Policy

Minnesota bill would help long-term care facilities navigate state bureaucracy

A summary of the latest developments in health care-related legislation in Minnesota: Five senators, including Sen. Julie Rosen, introduced a bill that would establish a “long-term care liaison office” in the Department of Health. The office would help guide nursing homes and assisted-living facilities in their dealings with state agencies on matters such as licensing […]

A summary of the latest developments in health care-related legislation in Minnesota:

Five senators, including Sen. Julie Rosen, introduced a bill that would establish a “long-term care liaison office” in the Department of Health. The office would help guide nursing homes and assisted-living facilities in their dealings with state agencies on matters such as licensing and insurance. The new office would also be charged with creating a list of recommendations that would “streamline” long-term facilities’ interaction with state-government agencies. A similar bill in the House has been referred to the Committee on Health Care and Human Services Policy and Oversight.

In other legislative news:

  • S.F. No. 3248 would authorize ambulance providers to impose a fee on local governments in areas they serve if the governments fail to pay for their services.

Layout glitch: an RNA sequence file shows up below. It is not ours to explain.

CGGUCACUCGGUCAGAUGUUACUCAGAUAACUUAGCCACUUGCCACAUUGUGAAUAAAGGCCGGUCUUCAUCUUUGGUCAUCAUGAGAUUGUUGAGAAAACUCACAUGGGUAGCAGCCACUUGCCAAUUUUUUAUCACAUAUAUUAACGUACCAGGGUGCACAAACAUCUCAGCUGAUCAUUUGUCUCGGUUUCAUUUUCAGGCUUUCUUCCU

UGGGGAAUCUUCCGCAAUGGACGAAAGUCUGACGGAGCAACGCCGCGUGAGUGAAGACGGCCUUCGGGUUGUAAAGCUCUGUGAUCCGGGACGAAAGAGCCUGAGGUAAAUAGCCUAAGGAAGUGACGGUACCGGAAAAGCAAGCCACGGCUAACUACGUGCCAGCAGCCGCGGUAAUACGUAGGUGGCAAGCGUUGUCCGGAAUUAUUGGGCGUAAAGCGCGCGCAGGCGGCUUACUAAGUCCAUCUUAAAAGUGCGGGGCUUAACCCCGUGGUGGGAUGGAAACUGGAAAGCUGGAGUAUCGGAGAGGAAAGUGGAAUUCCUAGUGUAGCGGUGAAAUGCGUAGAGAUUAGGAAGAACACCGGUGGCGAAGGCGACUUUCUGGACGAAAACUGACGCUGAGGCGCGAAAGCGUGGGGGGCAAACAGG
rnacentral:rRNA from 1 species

• In a proposal that surely won’t sit well with health insurers, eight house members introduced a bill that bars insurers from offering health plans in the individual market unless they guarantee that customers who enroll in their health plans will have the right to renew enrollment. The so-called “guaranteed-issue” proposal essentially bans insurers’ ability to deny coverage based on a patient’s medical condition. A similar bill was proposed in the Senate.
  • Voicing their opposition to the federal health overhaul, four House members introduced a proposal urging the state’s federal Congressional delegation to vote against the legislation. The authors of the proposal say the health overhaul is “flawed in a number of troubling ways,” particularly the so-called individual mandate, which is has drawn lots of fire from conservatives.
  • A bill introduced in the House would create a prescription drug education program for doctors, pharmacists and other health providers.  The education program would be designed to provide information on cost-effective utilization of prescription drugs, incorporating relevant information about “clinical trials, pharmaceutical efficacy, adverse effects of drugs and evidence-based treatment options.” The bill was referred to the Health Care and Human Services Finance Division Committee.

Photo from flickr user KeithBurtis